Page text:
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In patients with schizophrenia, a variation in a single position in the DNA sequence marks too many synapses for removal and that pruning goes out of control. The result is an abnormal loss of gray matter.

The genes involved coat the neurons with “eat-me signals,” said study co-author Beth Stevens, a neuroscientist at Children’s Hospital and Broad. “They are tagging too many synapses. And they’re gobbled up.”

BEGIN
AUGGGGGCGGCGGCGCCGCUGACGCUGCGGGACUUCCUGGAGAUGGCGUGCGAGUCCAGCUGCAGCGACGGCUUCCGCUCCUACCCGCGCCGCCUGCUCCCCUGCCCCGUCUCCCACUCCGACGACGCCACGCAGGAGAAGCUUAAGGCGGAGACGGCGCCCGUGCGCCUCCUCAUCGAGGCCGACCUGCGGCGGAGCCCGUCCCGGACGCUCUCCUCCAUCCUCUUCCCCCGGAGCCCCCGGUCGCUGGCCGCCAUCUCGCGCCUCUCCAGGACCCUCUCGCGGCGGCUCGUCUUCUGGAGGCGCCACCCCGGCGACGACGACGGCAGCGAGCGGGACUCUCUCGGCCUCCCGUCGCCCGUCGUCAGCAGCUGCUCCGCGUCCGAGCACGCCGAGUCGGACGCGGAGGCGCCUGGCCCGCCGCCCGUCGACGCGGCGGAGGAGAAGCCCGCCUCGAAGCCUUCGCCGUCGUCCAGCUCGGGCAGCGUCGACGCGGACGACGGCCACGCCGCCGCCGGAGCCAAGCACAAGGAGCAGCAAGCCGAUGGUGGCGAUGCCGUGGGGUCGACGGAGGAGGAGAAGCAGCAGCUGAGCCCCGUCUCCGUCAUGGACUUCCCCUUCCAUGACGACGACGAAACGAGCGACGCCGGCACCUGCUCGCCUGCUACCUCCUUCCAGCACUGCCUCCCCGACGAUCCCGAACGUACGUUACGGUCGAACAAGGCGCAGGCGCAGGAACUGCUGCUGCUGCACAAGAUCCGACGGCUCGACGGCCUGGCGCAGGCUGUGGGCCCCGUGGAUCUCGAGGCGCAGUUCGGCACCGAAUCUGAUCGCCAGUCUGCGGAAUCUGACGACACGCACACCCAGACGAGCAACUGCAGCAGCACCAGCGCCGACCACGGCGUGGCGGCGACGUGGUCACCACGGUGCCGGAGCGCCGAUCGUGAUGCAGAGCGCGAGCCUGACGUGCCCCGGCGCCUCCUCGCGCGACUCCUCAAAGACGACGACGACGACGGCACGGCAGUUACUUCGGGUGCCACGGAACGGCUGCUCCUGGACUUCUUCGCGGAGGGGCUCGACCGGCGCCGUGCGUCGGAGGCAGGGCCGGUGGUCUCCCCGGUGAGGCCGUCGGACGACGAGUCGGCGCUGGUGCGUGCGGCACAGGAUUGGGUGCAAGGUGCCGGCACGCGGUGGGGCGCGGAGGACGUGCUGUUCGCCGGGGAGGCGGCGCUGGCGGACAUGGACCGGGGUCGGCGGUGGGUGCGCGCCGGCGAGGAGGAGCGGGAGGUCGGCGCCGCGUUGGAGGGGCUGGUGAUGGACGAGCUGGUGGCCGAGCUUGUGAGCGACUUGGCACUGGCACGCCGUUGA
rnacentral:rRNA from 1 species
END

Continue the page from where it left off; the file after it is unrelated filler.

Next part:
The founding director of the Broad Institute of M.I.T and Harvard, Eric Lander, believes the research represents an astonishing breakthrough. “It’s taking what has been a black box…and letting us peek inside for the first time. And that is amazingly consequential,” he said.

Scientists open the ‘black box’ of schizophrenia with dramatic genetic discovery